FARGO - "Devastating" is how Lisa Hills, executive director of the Minnesota Newspaper Association, described the potential impact of tariffs the Trump administration has imposed on Canadian newsprint.
That's the paper used to print newspapers.
Hills said printing costs are the second-highest expense for newspapers behind labor.
The North Dakota Newspaper Association (NDNA) is also sounding the alarm, as are many newspapers around the country. Forum Communications Co. is a member of both state newspaper groups.
The industry, through the Stop Tariffs on Printers & Publishers (STOPP) coalition, said more than 600,000 jobs are at risk. These include not just the newspaper industry, but its suppliers.
Unlike other tariffs in the news these days, this one started with a single company.
The North Pacific Paper Co., based in Washington state, complained last year to the U.S. Department of Commerce that Canadian uncoated groundwood paper was unfairly subsidized. In January, the department agreed to impose preliminary tariffs of 4.42 to 9.93 percent depending on the paper mill and the amount of subsidy it received. In March, the department added tariffs ranging from 0 to 22.16 percent, depending on the mill.
That means the new tariff on some newsprint could be as high as 32 percent.
The first tariff may be made permanent on May 22 and the second tariff may be made permanent on Aug. 2, depending on how the department's investigation turns out.
North Pacific argues that more than 2,000 jobs have been lost since 2012 because of Canadian subsidies. STOPP said it's actually because the newspaper industry, weakened by changes in advertising revenue brought by the Internet, has bought less newsprint.
"While we understand the concerns recently surfaced by some newspaper publishers, we strongly disagree with the notion that their industry requires low-priced, government-subsidized, imported newsprint from Canada to sustain its business model," North Pacific CEO Craig Anneberg said in a news release.
STOPP noted that his company is the only one complaining.
For now, the impact of the new tariff appears limited. Industry insiders The Forum spoke with haven't heard of any newspaper closing or suffering serious financial hardships as a result.
NDNA Executive Director Steve Andrist said some of his members have told him about increasing printing costs - many smaller newspapers contract with a printing company rather than do it in house - and there's concern about the supply of paper.
Matt McMillan, Forum Communications' vice president for newspapers, said readers can expect to see slightly lighter-weight pages in their newspapers in a couple of months, a cost-saving move by paper mills. Customers that get both a newspaper and a free shopper from Forum Communications may, in the future, get just one, he said.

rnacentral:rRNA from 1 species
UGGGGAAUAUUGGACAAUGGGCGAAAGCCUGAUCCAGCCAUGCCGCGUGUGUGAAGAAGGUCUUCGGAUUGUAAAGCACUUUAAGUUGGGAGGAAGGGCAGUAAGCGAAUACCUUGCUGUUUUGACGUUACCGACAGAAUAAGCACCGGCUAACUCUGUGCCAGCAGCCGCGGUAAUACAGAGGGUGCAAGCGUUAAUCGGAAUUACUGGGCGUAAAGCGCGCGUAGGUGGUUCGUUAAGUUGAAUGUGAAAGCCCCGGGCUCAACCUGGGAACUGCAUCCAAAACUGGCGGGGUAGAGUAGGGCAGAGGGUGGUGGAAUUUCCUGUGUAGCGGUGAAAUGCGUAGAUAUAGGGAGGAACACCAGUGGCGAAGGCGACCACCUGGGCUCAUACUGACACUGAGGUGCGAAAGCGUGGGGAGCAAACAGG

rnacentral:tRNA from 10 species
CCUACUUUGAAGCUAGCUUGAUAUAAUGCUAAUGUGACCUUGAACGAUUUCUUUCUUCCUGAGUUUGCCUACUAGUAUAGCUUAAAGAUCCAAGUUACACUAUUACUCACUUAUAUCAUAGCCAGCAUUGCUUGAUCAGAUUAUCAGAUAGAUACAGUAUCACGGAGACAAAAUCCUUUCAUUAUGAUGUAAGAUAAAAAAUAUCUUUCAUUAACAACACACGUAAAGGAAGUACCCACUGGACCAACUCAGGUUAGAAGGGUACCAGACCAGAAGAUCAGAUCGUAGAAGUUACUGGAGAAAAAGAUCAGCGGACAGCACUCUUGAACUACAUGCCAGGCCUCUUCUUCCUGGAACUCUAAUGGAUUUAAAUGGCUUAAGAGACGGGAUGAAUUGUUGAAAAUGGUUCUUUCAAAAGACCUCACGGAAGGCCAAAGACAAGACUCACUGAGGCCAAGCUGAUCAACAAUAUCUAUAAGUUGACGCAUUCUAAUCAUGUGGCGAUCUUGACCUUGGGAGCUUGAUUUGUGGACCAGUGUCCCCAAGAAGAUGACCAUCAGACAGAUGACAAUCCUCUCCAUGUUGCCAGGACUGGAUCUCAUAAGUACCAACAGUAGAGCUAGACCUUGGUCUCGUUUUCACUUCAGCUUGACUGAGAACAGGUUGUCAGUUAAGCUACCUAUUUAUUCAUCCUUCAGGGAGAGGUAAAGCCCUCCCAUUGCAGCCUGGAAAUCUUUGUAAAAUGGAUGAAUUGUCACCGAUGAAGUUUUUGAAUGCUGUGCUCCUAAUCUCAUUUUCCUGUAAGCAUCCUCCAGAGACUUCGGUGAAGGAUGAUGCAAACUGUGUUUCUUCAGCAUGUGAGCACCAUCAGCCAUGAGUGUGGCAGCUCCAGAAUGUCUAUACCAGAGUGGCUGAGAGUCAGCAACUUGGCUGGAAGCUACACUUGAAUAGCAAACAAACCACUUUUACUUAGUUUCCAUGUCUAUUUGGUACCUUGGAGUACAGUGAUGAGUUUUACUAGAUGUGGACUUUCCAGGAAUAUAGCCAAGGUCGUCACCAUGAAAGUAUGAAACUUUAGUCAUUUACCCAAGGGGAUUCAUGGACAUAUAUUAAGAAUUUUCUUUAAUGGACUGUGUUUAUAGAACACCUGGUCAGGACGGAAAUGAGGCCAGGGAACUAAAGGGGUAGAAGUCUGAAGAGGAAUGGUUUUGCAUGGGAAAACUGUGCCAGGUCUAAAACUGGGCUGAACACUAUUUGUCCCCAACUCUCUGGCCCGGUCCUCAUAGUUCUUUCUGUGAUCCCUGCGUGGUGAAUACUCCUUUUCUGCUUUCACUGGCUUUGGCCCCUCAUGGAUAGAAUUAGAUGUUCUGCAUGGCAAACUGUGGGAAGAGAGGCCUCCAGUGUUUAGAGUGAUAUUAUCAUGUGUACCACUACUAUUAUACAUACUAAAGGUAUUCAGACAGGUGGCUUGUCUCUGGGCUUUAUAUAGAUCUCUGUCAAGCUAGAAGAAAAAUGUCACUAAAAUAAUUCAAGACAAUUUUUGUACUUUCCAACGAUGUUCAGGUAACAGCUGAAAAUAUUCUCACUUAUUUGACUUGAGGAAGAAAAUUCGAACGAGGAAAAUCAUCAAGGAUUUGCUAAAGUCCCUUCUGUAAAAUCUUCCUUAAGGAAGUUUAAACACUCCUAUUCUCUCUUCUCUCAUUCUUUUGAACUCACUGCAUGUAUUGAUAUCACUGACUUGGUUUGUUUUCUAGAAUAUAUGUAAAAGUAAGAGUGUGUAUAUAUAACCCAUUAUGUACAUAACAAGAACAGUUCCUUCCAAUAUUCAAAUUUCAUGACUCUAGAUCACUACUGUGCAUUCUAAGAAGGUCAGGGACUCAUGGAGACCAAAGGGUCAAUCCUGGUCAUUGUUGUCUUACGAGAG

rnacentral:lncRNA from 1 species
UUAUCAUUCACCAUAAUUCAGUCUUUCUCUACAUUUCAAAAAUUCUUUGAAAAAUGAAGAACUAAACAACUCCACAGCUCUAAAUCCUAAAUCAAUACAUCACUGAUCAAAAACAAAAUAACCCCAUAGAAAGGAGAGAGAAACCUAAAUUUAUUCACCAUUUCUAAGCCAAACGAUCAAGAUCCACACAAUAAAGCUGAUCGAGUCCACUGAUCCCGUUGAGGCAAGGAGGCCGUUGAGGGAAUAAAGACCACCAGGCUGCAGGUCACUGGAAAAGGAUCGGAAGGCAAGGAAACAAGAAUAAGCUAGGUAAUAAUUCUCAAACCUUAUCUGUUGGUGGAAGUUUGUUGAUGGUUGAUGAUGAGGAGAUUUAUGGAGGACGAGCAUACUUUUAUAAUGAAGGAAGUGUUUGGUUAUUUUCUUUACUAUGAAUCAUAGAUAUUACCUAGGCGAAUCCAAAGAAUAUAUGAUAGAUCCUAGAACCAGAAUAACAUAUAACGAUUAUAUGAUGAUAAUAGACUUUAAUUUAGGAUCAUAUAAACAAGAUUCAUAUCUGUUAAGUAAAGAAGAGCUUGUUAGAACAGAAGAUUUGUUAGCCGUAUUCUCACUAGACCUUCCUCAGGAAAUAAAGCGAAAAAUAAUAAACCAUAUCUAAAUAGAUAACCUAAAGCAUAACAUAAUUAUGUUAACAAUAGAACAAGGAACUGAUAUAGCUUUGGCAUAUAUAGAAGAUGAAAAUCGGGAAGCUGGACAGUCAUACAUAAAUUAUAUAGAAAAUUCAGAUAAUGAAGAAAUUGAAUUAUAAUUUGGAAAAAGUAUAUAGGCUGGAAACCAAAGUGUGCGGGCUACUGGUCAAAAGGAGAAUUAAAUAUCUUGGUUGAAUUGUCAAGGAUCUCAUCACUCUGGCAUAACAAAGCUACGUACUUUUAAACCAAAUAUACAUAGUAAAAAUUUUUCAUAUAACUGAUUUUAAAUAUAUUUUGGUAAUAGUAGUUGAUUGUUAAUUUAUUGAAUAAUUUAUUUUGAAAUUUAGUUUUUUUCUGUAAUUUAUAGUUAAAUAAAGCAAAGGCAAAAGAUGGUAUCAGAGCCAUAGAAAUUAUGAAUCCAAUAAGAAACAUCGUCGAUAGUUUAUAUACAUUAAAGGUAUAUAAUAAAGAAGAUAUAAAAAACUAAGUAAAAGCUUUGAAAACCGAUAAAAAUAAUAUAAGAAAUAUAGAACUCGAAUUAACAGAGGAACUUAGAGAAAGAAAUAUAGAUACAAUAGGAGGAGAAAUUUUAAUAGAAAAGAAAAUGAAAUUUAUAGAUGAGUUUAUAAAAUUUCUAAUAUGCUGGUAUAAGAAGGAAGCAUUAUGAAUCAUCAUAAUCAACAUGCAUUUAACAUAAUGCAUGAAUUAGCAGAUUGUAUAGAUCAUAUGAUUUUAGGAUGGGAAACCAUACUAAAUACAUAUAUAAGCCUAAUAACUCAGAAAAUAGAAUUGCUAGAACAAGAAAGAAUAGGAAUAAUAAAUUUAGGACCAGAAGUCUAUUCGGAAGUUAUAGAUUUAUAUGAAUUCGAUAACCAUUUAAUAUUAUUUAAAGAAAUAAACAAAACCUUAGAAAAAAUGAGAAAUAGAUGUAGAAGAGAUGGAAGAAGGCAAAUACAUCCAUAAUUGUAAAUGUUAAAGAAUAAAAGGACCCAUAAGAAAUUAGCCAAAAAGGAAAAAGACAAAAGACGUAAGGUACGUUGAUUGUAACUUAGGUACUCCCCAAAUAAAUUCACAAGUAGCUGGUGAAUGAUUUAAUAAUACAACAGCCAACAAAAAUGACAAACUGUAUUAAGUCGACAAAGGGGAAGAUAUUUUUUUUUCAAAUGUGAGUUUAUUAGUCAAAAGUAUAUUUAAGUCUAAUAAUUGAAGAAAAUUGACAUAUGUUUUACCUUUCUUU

More drastic moves, such as raising subscription rates, are possible but haven't been considered, he said.
Forum Communications buys newsprint, by way of a buying cooperative, from companies with mills in Canada as well as the U.S., he said. Mills are located primarily where there is a plentiful supply of pine trees, he said, which means Canada and Georgia, but U.S. paper mills alone don't have the capacity to supply all U.S. newspapers.
Art Hagebock, who owns and prints the LaMoure (N.D.) Chronicle and four other newspapers, said he doesn't yet know what the impact will be. He said he buys a year's supply of newsprint at a time and won't have to buy again until next spring, when he could face the tariff.
Being an NDNA member, he said he agrees with the group's position. "As a group we probably should oppose (the tariff) because down the line it's going to cost us more. But if you're asking me how it's affecting me right now and anybody else, I don't think it's affecting us right now."
The Constitution gives Congress the power to regulate foreign trade, but that power was delegated more and more to the executive branch following the devastating trade war that Congress ignited with the Smoot-Hawley Tariff of 1930. This means Congress can override the Trump administration if it chooses.
McMillan said STOPP is hoping to convince enough members of Congress to make that happen. The problem is it could take a long time, six months to a year or more, he said.
Hills said her members are starting to learn about the issue now. "They're scared. I haven't heard a lot of people who have a great deal of confidence that this will get worked out."
"It's more difficult to make newspapers profitable these days because of the change in where the advertising revenue is going," Andrist said. "Any additional costs right now, especially one like this that's significant, could significantly affect their cost. It's very difficult to find an offsetting source of revenue for that."